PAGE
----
In this book, we're also introduced to the Bouda clan for the first time, the were-hyenas who are led by the formidable Aunt B, and Dr. Doolittle, the Pack medic. Kate reveals more of her powers and the readers get more hints at her heritage and upbringing, which is one of the reasons she's lived much of her early life alone and without making lasting connections.

Magic Strikes - 4.5 stars

Or "the one with the underground tournament" - said tournament always looms very clear in my mind, so imagine my surprise when I discovered that the actual "fight to the death" tournament that Kate and a bunch of the other characters enter only takes place in the last quarter or so of the book. Before that, Derek, Kate's faithful "boy wonder" is badly beaten and injured. Kate, along with Jim, try to figure out who's behind it, all the while hiding information from Curran, who gets increasingly more paranoid and angry about the whole thing. We discover Saiman's background and how he can change his shape so comprehensively. We're introduced to the Red Guard. Hugh D'Ambray is mentioned for the first time, and the readers get conformation of Kate's mysterious biological dad, who she's been hiding from her entire life.

This is the first book where we meet Dali, the severely short-sighted white Indonesian were-tiger, who is vegetarian and obsessed with drag racing. Here she's mostly delightful comic relief, she becomes more important later in the series.

Magic Bleeds - 5 stars

After a rather antagonistic relationship in the first book, more overt flirting in the second book and some pretty serious foreplay in book 3, this is the book where (after a somewhat rocky start in he book) Kate and Curran finally embark on a relationship. Not all of the Pack are entirely happy about Curran's choice of partner, even less so once it becomes clear that the new big threat to Atlanta is a sinister and extremely powerful relative of Kate's. Over the course of the book, Kate leaves the Order of Merciful Aid because of ideological differences, has a falling out with Andrea and has to spend much of the end of the book proving her worth and tenacity to the shapeshifters of the Pack.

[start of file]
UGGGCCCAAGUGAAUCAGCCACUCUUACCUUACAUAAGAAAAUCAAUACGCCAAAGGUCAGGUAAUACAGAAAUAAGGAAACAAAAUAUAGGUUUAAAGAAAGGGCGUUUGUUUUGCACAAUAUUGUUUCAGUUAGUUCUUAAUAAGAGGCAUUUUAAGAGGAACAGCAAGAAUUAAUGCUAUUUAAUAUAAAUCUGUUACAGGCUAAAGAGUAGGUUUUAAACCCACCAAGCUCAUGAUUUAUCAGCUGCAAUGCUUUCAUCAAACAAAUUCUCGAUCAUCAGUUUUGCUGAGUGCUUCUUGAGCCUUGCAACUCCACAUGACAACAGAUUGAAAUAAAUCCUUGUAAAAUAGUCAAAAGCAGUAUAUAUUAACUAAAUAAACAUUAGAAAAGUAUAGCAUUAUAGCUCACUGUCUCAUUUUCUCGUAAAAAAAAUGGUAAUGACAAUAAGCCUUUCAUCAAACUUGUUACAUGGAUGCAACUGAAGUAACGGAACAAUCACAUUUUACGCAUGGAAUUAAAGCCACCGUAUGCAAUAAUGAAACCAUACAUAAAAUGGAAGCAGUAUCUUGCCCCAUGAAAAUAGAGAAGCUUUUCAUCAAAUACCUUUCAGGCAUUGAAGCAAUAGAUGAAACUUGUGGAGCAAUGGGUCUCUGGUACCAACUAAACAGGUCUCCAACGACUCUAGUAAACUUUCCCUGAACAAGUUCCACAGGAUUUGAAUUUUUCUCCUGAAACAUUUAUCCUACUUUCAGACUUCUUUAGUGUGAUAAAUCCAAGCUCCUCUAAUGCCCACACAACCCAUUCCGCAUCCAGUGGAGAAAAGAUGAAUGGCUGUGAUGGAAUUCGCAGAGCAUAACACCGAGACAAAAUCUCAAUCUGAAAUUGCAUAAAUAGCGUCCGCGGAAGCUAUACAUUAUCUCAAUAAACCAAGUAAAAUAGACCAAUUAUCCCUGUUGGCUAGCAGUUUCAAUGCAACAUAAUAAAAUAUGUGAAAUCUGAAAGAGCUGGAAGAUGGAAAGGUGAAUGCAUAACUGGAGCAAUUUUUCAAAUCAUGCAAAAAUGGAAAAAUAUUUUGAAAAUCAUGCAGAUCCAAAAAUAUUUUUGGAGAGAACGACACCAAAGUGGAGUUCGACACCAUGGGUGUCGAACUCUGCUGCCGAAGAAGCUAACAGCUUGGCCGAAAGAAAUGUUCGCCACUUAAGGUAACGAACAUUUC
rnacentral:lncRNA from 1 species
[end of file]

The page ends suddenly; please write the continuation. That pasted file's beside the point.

I like Erra, she's a very good villain. This book shows more than any before it that Kate is no longer a bitter loner with no support network. While mutual stubbornness and a lack of communication keep Kate and Curran apart at the start of the book, when they resolve their differences, it's pretty spectacular and it's made quite clear over the course of the book that this is it for both of them - no going back now. While the readers had their suspicions about Kate's parentage confirmed in the last book, she tells the man she loves about it here, even fearing that he might reject her. While Curran's adolescence was bad, Kate's whole family background is a whole other level of f*cked up.

Magic Slays - 4.5 stars

Kate has left the Order of Merciful Aid behind and is trying to make a living as a paranormal investigator on her own, but at least initially, no one is hiring her. Then it becomes clear that a missing inventor is responsible for a device that could pose a massive threat to anyone with magical abilities, meaning all the shapeshifters or even vaguely magically adept people in Atlanta could die. While trying to enlist help to locate the fanatics who have the device, Kate needs to talk to several of the magical factions, including the witches and the vholvs. She comes to discover that what she has believed her entire life about her mother and stepfather was a complete lie and when her ward, Julie, is in danger, she needs to come to terms with how far she's willing to go and use her formidable powers, even when it goes against good reason, to save her.